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Styling an Extension#

Lens provides a set of global styles and UI components that can be used by any extension to preserve the look and feel of the application.


For layout tasks, Lens uses the library which provides helpful class names to specify some of the flexbox properties. For example, consider the following HTML and its associated CSS properties:

<div className="flex column align-center"></div>
div {
  display: flex;
  flex-direction: column;
  align-items: center;

However, you are free to use any styling technique or framework you like, including Emotion or even plain CSS.

Layout Variables#

There is a set of CSS variables available for for basic layout needs. They are located inside :root and are defined in app.scss:

--unit: 8px;
--padding: var(--unit);
--margin: var(--unit);
--border-radius: 3px;

These variables are intended to set consistent margins and paddings across components. For example:

.status {
  padding-left: calc(var(--padding) * 2);
  border-radius: var(--border-radius);


Lens uses two built-in themes defined in the themes directory – one light and one dark.

Theme Variables#

When Lens is loaded, it transforms the selected theme's json file into a list of CSS Custom Properties (CSS Variables). This list then gets injected into the :root element so that any of the down-level components can use them. CSS vars listed in devtools

When the user changes the theme, the above process is repeated, and new CSS variables appear, replacing the previous ones.

If you want to preserve Lens's native look and feel, with respect to the lightness or darkness of your extension, you can use the provided variables and built-in Lens components such as Button, Select, Table, and so on.

There is a set of CSS variables available for extensions to use for theming. They are all located inside :root and are defined in app.scss:

--font-main: 'Roboto', 'Helvetica', 'Arial', sans-serif;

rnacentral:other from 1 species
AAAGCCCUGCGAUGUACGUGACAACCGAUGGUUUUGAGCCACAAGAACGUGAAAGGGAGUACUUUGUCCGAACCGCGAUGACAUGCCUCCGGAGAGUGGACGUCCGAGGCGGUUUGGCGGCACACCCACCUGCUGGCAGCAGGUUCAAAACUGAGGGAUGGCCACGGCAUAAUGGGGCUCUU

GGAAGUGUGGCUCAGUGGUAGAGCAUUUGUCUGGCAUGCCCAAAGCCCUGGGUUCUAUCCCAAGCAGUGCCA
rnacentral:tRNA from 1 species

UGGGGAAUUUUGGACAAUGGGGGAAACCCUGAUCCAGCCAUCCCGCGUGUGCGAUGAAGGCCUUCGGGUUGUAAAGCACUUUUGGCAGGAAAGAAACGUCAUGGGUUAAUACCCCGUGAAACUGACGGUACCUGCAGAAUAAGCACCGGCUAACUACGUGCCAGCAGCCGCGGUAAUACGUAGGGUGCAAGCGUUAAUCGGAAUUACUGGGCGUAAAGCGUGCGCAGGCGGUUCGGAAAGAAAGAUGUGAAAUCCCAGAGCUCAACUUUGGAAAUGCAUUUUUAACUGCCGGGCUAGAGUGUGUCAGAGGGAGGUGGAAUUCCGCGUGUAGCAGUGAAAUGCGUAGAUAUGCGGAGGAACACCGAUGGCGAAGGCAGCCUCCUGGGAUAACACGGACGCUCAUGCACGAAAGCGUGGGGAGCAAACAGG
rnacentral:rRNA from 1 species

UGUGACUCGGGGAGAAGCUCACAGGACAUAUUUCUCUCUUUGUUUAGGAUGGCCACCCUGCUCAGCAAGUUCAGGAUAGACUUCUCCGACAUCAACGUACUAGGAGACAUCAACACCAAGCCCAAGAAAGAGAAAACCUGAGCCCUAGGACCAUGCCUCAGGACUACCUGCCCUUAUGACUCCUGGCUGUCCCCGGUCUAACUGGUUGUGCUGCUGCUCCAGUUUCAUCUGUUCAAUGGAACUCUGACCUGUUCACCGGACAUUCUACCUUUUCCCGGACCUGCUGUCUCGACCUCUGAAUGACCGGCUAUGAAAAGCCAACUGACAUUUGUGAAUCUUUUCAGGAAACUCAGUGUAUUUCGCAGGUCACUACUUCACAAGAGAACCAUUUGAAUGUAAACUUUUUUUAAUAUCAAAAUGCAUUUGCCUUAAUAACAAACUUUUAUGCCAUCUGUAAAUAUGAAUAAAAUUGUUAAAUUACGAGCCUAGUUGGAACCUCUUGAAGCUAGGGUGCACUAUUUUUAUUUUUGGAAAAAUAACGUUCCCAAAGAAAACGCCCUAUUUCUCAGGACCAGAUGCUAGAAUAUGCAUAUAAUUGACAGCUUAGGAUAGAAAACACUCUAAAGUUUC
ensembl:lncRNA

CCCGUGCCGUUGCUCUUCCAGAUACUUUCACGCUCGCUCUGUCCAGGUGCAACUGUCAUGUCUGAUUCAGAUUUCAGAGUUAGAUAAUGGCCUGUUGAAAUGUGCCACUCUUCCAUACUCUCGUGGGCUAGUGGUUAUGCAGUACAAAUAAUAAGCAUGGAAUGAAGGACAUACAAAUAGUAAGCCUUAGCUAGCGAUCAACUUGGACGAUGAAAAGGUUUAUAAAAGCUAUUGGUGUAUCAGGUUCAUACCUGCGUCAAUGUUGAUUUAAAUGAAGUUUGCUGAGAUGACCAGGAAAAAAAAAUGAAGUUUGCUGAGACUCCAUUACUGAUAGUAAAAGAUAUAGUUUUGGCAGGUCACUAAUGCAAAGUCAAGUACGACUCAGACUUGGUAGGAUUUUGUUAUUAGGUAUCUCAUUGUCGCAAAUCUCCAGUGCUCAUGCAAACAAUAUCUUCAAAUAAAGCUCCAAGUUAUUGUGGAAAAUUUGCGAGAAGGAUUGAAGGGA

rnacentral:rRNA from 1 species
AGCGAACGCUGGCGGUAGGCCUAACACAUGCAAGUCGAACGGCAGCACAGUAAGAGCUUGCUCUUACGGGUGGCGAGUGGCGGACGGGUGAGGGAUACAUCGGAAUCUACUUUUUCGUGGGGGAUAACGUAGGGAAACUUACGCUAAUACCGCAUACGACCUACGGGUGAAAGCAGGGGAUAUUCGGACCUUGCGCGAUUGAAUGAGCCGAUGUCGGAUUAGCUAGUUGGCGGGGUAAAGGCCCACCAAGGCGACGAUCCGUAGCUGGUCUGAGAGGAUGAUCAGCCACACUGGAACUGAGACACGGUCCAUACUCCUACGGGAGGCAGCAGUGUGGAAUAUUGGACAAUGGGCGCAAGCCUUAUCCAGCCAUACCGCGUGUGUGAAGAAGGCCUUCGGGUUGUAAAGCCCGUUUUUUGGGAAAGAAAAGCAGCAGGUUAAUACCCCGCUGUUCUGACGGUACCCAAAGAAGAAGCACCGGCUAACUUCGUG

--font-monospace: Lucida Console, Monaco, Consolas, monospace;
--font-size-small: calc(1.5 * var(--unit));
--font-size: calc(1.75 * var(--unit));
--font-size-big: calc(2 * var(--unit));
--font-weight-thin: 300;
--font-weight-normal: 400;
--font-weight-bold: 500;

as well as in the theme modules:

--blue: #3d90ce;
--magenta: #c93dce;
--golden: #ffc63d;
--halfGray: #87909c80;
--primary: #3d90ce;
--textColorPrimary: #555555;
--textColorSecondary: #51575d;
--textColorAccent: #333333;
--borderColor: #c9cfd3;
--borderFaintColor: #dfdfdf;
--mainBackground: #f1f1f1;
--contentColor: #ffffff;
--layoutBackground: #e8e8e8;
--layoutTabsBackground: #f8f8f8;
--layoutTabsActiveColor: #333333;
--layoutTabsLineColor: #87909c80;

These variables can be used in the following form: var(--magenta). For example:

.status {
  font-size: var(--font-size-small);
  background-color: var(--colorSuccess);

Theme Switching#

When the light theme is active, the <body> element gets a "theme-light" class, or: <body class="theme-light">. If the class isn't there, the theme defaults to dark. The active theme can be changed in the Preferences page: Color Theme

There is a way of detect active theme and its changes in JS. MobX observer function/decorator can be used for this purpose.

import React from "react"
import { observer } from "mobx-react"
import { Renderer } from "@k8slens/extensions";

export class SupportPage extends React.Component {
  render() {
    return (
      <div className="SupportPage">
        <h1>Active theme is {Renderer.Theme.getActiveTheme().name}</h1>

Theme entity from @k8slens/extensions provides active theme object and @observer decorator makes component reactive - so it will rerender each time any of the observables (active theme in our case) will be changed.

Working example provided in Styling with Emotion sample extension.

Injected Styles#

Every extension is affected by the list of default global styles defined in app.scss. These are basic browser resets and element styles, including:

  • setting the box-sizing property for every element
  • default text and background colors
  • default font sizes
  • basic heading (h1, h2, etc) formatting
  • custom scrollbar styling

Extensions may overwrite these defaults if needed. They have low CSS specificity, so overriding them should be fairly easy.


If an extension uses a system like Emotion to work with styles, it can use CSS variables as follows:

const Container = styled.div(() => ({
  backgroundColor: 'var(--mainBackground)'


You can explore samples for each styling technique that you can use for extensions: